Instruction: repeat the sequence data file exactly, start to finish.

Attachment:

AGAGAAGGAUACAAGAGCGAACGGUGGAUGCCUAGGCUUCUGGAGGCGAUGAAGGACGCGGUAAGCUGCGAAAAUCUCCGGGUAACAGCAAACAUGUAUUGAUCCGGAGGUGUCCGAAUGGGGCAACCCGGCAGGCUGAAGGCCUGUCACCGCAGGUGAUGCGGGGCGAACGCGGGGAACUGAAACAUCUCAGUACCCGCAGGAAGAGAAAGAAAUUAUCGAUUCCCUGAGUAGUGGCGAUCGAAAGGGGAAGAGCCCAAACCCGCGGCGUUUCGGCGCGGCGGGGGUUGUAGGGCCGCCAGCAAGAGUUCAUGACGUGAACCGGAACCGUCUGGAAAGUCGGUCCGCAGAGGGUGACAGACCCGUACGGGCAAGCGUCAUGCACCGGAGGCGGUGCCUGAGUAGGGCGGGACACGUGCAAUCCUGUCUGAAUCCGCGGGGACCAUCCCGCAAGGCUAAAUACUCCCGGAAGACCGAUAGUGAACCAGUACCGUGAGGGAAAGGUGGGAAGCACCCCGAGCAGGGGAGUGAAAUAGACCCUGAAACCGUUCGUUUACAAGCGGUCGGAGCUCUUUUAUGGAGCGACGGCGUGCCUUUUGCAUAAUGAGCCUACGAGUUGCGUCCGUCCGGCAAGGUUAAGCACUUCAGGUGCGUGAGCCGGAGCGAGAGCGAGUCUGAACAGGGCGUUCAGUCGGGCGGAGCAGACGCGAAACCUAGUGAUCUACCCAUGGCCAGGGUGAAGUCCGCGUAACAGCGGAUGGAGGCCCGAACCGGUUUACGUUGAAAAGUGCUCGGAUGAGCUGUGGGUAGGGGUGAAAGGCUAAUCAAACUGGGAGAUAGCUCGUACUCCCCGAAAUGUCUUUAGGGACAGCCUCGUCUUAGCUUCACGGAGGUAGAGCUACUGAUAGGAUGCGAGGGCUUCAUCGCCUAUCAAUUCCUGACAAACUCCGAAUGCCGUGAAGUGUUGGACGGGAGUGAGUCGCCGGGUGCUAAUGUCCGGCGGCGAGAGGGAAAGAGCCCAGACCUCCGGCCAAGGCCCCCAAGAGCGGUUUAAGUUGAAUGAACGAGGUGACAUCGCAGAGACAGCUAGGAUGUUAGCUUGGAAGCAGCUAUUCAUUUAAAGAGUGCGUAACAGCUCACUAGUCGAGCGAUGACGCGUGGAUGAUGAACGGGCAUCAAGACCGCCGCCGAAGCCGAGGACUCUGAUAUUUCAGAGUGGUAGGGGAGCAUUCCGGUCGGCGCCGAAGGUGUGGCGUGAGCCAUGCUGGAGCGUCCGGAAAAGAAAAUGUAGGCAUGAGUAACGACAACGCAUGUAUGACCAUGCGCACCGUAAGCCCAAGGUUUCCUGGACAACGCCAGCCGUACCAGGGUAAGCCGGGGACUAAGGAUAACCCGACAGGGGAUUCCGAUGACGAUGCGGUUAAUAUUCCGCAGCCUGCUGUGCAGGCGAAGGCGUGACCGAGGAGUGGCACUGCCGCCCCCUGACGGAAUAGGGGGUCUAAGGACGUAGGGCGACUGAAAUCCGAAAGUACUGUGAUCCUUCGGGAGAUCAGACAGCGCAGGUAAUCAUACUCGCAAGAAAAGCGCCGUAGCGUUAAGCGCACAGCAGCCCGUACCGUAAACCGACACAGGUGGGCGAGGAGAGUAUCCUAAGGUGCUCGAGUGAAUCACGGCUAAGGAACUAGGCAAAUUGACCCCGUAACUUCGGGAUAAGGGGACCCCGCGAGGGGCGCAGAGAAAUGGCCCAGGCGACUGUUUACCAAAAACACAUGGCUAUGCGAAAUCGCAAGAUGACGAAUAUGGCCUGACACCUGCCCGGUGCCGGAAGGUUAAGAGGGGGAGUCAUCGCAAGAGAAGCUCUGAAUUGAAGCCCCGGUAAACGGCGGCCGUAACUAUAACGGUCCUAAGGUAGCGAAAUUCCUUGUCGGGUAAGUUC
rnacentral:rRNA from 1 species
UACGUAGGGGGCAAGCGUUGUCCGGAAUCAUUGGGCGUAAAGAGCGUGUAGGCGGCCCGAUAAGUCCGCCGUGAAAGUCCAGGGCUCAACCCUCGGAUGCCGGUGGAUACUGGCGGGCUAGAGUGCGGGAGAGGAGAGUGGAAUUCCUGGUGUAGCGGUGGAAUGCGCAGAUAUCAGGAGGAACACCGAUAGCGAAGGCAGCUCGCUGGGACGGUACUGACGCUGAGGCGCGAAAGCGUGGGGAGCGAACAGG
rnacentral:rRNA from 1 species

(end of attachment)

AGAGAAGGAUACAAGAGCGAACGGUGGAUGCCUAGGCUUCUGGAGGCGAUGAAGGACGCGGUAAGCUGCGAAAAUCUCCGGGUAACAGCAAACAUGUAUUGAUCCGGAGGUGUCCGAAUGGGGCAACCCGGCAGGCUGAAGGCCUGUCACCGCAGGUGAUGCGGGGCGAACGCGGGGAACUGAAACAUCUCAGUACCCGCAGGAAGAGAAAGAAAUUAUCGAUUCCCUGAGUAGUGGCGAUCGAAAGGGGAAGAGCCCAAACCCGCGGCGUUUCGGCGCGGCGGGGGUUGUAGGGCCGCCAGCAAGAGUUCAUGACGUGAACCGGAACCGUCUGGAAAGUCGGUCCGCAGAGGGUGACAGACCCGUACGGGCAAGCGUCAUGCACCGGAGGCGGUGCCUGAGUAGGGCGGGACACGUGCAAUCCUGUCUGAAUCCGCGGGGACCAUCCCGCAAGGCUAAAUACUCCCGGAAGACCGAUAGUGAACCAGUACCGUGAGGGAAAGGUGGGAAGCACCCCGAGCAGGGGAGUGAAAUAGACCCUGAAACCGUUCGUUUACAAGCGGUCGGAGCUCUUUUAUGGAGCGACGGCGUGCCUUUUGCAUAAUGAGCCUACGAGUUGCGUCCGUCCGGCAAGGUUAAGCACUUCAGGUGCGUGAGCCGGAGCGAGAGCGAGUCUGAACAGGGCGUUCAGUCGGGCGGAGCAGACGCGAAACCUAGUGAUCUACCCAUGGCCAGGGUGAAGUCCGCGUAACAGCGGAUGGAGGCCCGAACCGGUUUACGUUGAAAAGUGCUCGGAUGAGCUGUGGGUAGGGGUGAAAGGCUAAUCAAACUGGGAGAUAGCUCGUACUCCCCGAAAUGUCUUUAGGGACAGCCUCGUCUUAGCUUCACGGAGGUAGAGCUACUGAUAGGAUGCGAGGGCUUCAUCGCCUAUCAAUUCCUGACAAACUCCGAAUGCCGUGAAGUGUUGGACGGGAGUGAGUCGCCGGGUGCUAAUGUCCGGCGGCGAGAGGGAAAGAGCCCAGACCUCCGGCCAAGGCCCCCAAGAGCGGUUUAAGUUGAAUGAACGAGGUGACAUCGCAGAGACAGCUAGGAUGUUAGCUUGGAAGCAGCUAUUCAUUUAAAGAGUGCGUAACAGCUCACUAGUCGAGCGAUGACGCGUGGAUGAUGAACGGGCAUCAAGACCGCCGCCGAAGCCGAGGACUCUGAUAUUUCAGAGUGGUAGGGGAGCAUUCCGGUCGGCGCCGAAGGUGUGGCGUGAGCCAUGCUGGAGCGUCCGGAAAAGAAAAUGUAGGCAUGAGUAACGACAACGCAUGUAUGACCAUGCGCACCGUAAGCCCAAGGUUUCCUGGACAACGCCAGCCGUACCAGGGUAAGCCGGGGACUAAGGAUAACCCGACAGGGGAUUCCGAUGACGAUGCGGUUAAUAUUCCGCAGCCUGCUGUGCAGGCGAAGGCGUGACCGAGGAGUGGCACUGCCGCCCCCUGACGGAAUAGGGGGUCUAAGGACGUAGGGCGACUGAAAUCCGAAAGUACUGUGAUCCUUCGGGAGAUCAGACAGCGCAGGUAAUCAUACUCGCAAGAAAAGCGCCGUAGCGUUAAGCGCACAGCAGCCCGUACCGUAAACCGACACAGGUGGGCGAGGAGAGUAUCCUAAGGUGCUCGAGUGAAUCACGGCUAAGGAACUAGGCAAAUUGACCCCGUAACUUCGGGAUAAGGGGACCCCGCGAGGGGCGCAGAGAAAUGGCCCAGGCGACUGUUUACCAAAAACACAUGGCUAUGCGAAAUCGCAAGAUGACGAAUAUGGCCUGACACCUGCCCGGUGCCGGAAGGUUAAGAGGGGGAGUCAUCGCAAGAGAAGCUCUGAAUUGAAGCCCCGGUAAACGGCGGCCGUAACUAUAACGGUCCUAAGGUAGCGAAAUUCCUUGUCGGGUAAGUUC
rnacentral:rRNA from 1 species
UACGUAGGGGGCAAGCGUUGUCCGGAAUCAUUGGGCGUAAAGAGCGUGUAGGCGGCCCGAUAAGUCCGCCGUGAAAGUCCAGGGCUCAACCCUCGGAUGCCGGUGGAUACUGGCGGGCUAGAGUGCGGGAGAGGAGAGUGGAAUUCCUGGUGUAGCGGUGGAAUGCGCAGAUAUCAGGAGGAACACCGAUAGCGAAGGCAGCUCGCUGGGACGGUACUGACGCUGAGGCGCGAAAGCGUGGGGAGCGAACAGG
rnacentral:rRNA from 1 species